The Year in Race, Identity, and Criminal Justice

Source: The Atlantic

By CANDICE NORWOOD

In 2016, long simmering tensions over race and identity in America boiled over. Years of conflict between police and minority communities, clashing views concerning abortion and gender identity, and fear of immigrants and Muslims in a diversifying country all played prominent roles in a contentious presidential election. More than three-fourths of Americans feel the country is “greatly divided” on crucial issues, according to a recent Gallup poll. The United States has a long road ahead to address these issues, but The Atlantic’s coverage from the past year offers some clues about what may lie ahead.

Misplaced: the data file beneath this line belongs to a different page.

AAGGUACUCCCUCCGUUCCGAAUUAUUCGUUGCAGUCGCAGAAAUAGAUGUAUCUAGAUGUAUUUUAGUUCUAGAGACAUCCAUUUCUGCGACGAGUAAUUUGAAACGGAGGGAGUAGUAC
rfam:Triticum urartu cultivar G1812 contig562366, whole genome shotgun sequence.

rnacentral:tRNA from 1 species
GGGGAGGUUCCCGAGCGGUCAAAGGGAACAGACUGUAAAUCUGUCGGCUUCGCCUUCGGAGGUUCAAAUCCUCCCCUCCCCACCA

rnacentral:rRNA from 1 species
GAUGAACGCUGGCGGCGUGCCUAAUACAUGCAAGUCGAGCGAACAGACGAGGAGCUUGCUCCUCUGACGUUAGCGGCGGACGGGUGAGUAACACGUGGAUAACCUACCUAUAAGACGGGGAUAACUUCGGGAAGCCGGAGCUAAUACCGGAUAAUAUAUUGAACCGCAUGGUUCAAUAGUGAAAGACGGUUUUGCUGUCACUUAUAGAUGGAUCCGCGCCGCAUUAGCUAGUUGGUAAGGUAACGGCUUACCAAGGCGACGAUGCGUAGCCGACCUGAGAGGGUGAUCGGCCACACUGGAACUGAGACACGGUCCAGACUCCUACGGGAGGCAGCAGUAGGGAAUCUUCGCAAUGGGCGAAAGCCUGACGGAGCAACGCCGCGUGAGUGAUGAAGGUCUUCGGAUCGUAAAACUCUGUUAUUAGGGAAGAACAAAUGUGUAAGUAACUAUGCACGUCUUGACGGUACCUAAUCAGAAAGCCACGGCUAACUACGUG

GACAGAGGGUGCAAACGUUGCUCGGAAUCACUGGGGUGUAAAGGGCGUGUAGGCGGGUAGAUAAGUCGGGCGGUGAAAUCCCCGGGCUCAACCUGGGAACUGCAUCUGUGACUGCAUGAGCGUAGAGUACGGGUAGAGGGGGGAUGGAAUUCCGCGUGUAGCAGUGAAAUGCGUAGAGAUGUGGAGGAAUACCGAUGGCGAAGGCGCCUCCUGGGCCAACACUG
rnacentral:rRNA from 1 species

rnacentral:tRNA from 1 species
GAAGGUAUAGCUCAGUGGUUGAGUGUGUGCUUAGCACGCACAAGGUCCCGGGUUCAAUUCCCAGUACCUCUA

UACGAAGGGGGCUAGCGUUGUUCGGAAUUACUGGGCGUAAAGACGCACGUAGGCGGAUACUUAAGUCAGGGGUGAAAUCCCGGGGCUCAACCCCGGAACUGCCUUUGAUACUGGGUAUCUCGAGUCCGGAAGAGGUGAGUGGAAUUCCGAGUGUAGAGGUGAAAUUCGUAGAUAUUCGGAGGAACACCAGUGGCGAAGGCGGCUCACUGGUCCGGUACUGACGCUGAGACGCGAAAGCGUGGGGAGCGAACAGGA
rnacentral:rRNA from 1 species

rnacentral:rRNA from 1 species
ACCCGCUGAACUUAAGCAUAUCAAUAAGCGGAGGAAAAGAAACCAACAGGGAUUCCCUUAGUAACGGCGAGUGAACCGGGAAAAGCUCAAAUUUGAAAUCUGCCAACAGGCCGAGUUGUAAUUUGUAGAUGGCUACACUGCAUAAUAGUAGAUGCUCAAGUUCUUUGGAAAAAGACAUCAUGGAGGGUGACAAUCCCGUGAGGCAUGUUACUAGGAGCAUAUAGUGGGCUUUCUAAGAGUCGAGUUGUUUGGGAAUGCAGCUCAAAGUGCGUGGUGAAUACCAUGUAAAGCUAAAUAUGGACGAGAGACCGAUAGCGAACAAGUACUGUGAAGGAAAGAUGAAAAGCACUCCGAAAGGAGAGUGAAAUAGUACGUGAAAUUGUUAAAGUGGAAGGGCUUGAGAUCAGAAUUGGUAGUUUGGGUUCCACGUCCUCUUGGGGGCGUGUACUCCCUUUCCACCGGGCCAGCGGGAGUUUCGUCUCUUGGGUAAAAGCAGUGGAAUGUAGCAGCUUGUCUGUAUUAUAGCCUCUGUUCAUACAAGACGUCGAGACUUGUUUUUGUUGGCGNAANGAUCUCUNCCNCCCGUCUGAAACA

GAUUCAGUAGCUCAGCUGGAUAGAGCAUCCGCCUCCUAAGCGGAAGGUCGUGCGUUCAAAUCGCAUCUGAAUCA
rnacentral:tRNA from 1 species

The Year’s Coverage

A Bloody American Summer: In five particularly high-profile cases, black men were shot and killed by police; a single shooter also killed five officers during an ambush in Dallas. David A. Graham analyzed the freedoms enshrined in the Second Amendment, and the limits of their exercise by black Americans. And the Princeton University historian Julian E. Zelizer looked to 1968 as a lens to examine the wave of racial tension.

Reforming Policing: In the wake of these shootings, Juleyka Lantigua-Williams asked two former police chiefs and a leading police training researcher whether training and preparation could avert such tragedies. After the deadly Dallas shooting, Ta-Nehisi Coates discussed the inevitability of anti-police violence during a time of “illegitimate policing”: “If the law is nothing but a gang, then it is certain that someone will resort to the kind of justice typically meted out to all other powers in the street.”

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